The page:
Earlier this month, New York City opened its new train station. The Moynihan Train Hall, built inside an elegant and gigantic former post office building, is fabulous.

It also cost one point six billion U.S. dollars. It also serves only half the train lines of its predecessor, and it will cost another billion to restore all the service New Yorkers, commuters and visitors once enjoyed. Therein lies a cautionary tale…

In the first half of the 20th century, long trips in North America were mostly by train. Railroads were private businesses, which built stations sized to the communities they served.

The Canadian Pacific Railroad built Vancouver’s Waterfront Station in 1914, replacing an earlier station and hotel on the Burrard Inlet shore. In New York City four years earlier, the Pennsylvania Railroad had built Penn Station on the west side of Manhattan. Both were imposing structures, but Penn Station was spectacular: it was designed by the august architectural firm McKim, Mead and White, and was considered a Beaux-Arts masterpiece.

By the mid-1940s, Penn Station served more than 100 million passengers a year, commuters and intercity. But starting a decade later, air and interstate highway travel led to dramatic rail passenger declines. Looking to improve its bottom line, in 1962 the Pennsylvania Railroad sold the station’s air rights to a private developer, to build the Madison Square Garden sports complex (MSG). In exchange, the railroad got a 25% stake in MSG, and a no-cost, smaller underground station in the MSG basement. It wasn’t… elegant:

The demolition of the McKim, Mead and White building, and its sad replacement, caused an international uproar. “One entered the city like a god. One scuttles in now like a rat,” the architectural historian Vincent Scully famously wrote in the New York Times. Public outrage catalyzed the architectural preservation movement in the U.S., new laws were passed to restrict such demolition, and landmark preservation was upheld by the courts in 1978, after the private Penn Central RR tried to demolish New York’s other great railroad treasure, Grand Central Station.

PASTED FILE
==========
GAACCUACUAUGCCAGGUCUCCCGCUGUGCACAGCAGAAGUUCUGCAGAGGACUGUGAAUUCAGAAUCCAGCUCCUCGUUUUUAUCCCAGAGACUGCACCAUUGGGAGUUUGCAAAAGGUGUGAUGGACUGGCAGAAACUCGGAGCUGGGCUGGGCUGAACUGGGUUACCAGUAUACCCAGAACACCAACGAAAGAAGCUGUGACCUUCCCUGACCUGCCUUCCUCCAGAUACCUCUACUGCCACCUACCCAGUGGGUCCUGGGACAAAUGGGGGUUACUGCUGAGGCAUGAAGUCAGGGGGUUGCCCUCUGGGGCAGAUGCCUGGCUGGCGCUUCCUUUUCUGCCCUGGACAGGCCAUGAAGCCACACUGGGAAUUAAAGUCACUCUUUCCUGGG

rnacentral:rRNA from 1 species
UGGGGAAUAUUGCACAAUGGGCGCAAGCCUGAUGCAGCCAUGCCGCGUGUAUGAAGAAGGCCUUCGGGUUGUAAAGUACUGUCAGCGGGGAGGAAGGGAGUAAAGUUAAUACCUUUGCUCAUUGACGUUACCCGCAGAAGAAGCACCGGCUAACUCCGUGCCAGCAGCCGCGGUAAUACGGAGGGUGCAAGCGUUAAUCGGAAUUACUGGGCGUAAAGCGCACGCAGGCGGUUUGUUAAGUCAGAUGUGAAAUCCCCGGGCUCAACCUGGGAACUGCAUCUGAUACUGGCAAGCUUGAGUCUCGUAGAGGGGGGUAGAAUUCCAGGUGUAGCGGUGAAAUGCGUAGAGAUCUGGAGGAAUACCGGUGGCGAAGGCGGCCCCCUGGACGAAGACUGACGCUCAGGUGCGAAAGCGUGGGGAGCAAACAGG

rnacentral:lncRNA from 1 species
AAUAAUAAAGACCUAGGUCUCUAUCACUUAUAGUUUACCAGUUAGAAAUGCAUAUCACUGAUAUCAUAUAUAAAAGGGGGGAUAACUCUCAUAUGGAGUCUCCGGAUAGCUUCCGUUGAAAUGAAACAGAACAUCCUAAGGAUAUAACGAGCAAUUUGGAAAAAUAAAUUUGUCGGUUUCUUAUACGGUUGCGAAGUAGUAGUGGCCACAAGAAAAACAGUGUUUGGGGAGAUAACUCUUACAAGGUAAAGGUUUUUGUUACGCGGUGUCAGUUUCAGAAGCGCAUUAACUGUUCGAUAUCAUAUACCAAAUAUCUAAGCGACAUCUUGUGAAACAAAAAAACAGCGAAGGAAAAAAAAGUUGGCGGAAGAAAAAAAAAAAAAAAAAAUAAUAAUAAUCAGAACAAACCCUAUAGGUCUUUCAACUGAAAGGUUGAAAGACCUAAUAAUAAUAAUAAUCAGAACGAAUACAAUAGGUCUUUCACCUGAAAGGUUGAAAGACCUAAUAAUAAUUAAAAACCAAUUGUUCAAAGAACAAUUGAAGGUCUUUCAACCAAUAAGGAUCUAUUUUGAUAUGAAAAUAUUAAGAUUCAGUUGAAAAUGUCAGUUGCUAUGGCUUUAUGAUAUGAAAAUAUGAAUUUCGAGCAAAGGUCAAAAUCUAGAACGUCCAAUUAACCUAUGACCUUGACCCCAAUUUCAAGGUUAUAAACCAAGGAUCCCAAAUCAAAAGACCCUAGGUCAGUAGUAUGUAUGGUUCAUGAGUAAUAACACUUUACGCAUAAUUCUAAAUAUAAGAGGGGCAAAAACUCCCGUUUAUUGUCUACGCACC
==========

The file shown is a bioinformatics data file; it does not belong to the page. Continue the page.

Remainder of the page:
Today, Penn Station serves more than 600,000 commuter rail and Amtrak passengers on an average weekday, and arrivals and departures have doubled since the 1970s.

So why is this a caution for Vancouver? Tune in tomorrow.

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Curbs are being poured along Beach Avenue from Stanley Park to Hornby Street.

The City approved this permanent change from cones to concrete after a few months of consultation – albeit a ‘temporary’ permanent change, subject to the English Bay master plan currently under design by PFS Studio and Snøhetta.

 

These interventions also deal with some of the confusion and conflict resulting from this fast pandemic response in the spring when bikes were removed from the seawall.  Cyclists tended to ignore stop signals primarily designed for vehicle traffic – so now the crossings provide clarity, safety and a slowing down of two-wheelers.  (Hopefully eye-level signals for bikes will be installed where necessary.)